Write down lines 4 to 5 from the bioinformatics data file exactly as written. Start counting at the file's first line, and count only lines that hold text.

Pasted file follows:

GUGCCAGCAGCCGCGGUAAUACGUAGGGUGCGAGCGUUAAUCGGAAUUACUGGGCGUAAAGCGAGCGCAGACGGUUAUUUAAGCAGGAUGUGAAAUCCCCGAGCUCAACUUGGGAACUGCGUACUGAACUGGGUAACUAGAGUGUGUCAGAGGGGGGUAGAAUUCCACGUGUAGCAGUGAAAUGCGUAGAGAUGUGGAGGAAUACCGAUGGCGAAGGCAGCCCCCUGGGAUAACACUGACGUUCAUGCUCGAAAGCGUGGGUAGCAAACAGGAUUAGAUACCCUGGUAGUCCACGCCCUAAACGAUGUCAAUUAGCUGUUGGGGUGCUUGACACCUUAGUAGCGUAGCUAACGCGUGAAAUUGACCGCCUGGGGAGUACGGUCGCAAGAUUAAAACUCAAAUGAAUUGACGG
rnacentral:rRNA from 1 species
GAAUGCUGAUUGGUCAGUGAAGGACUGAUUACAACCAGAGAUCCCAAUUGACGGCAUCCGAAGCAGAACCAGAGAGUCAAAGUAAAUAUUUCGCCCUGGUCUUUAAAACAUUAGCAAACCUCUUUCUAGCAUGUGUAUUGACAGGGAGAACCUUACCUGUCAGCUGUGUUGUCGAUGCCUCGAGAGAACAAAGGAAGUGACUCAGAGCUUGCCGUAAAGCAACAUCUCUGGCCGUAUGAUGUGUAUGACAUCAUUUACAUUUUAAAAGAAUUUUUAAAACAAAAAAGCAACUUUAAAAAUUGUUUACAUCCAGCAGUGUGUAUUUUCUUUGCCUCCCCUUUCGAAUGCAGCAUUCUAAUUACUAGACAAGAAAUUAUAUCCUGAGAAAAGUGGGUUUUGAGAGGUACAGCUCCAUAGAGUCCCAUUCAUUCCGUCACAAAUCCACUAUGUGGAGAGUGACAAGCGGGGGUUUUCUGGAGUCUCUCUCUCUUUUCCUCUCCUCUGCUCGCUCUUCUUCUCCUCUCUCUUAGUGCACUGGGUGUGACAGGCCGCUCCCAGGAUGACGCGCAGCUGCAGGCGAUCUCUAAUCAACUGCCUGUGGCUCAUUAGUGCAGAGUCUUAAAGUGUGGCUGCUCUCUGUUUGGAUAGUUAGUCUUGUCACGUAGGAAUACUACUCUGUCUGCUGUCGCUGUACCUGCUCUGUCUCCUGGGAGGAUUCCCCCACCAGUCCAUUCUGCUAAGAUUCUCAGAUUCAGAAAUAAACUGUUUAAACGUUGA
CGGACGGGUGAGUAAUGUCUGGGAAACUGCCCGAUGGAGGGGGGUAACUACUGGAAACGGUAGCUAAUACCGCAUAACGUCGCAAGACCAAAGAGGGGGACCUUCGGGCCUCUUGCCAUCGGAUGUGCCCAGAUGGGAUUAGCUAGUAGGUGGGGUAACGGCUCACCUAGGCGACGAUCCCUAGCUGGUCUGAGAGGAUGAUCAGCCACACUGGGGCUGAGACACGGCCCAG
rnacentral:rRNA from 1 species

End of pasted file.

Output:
CGGACGGGUGAGUAAUGUCUGGGAAACUGCCCGAUGGAGGGGGGUAACUACUGGAAACGGUAGCUAAUACCGCAUAACGUCGCAAGACCAAAGAGGGGGACCUUCGGGCCUCUUGCCAUCGGAUGUGCCCAGAUGGGAUUAGCUAGUAGGUGGGGUAACGGCUCACCUAGGCGACGAUCCCUAGCUGGUCUGAGAGGAUGAUCAGCCACACUGGGGCUGAGACACGGCCCAG
rnacentral:rRNA from 1 species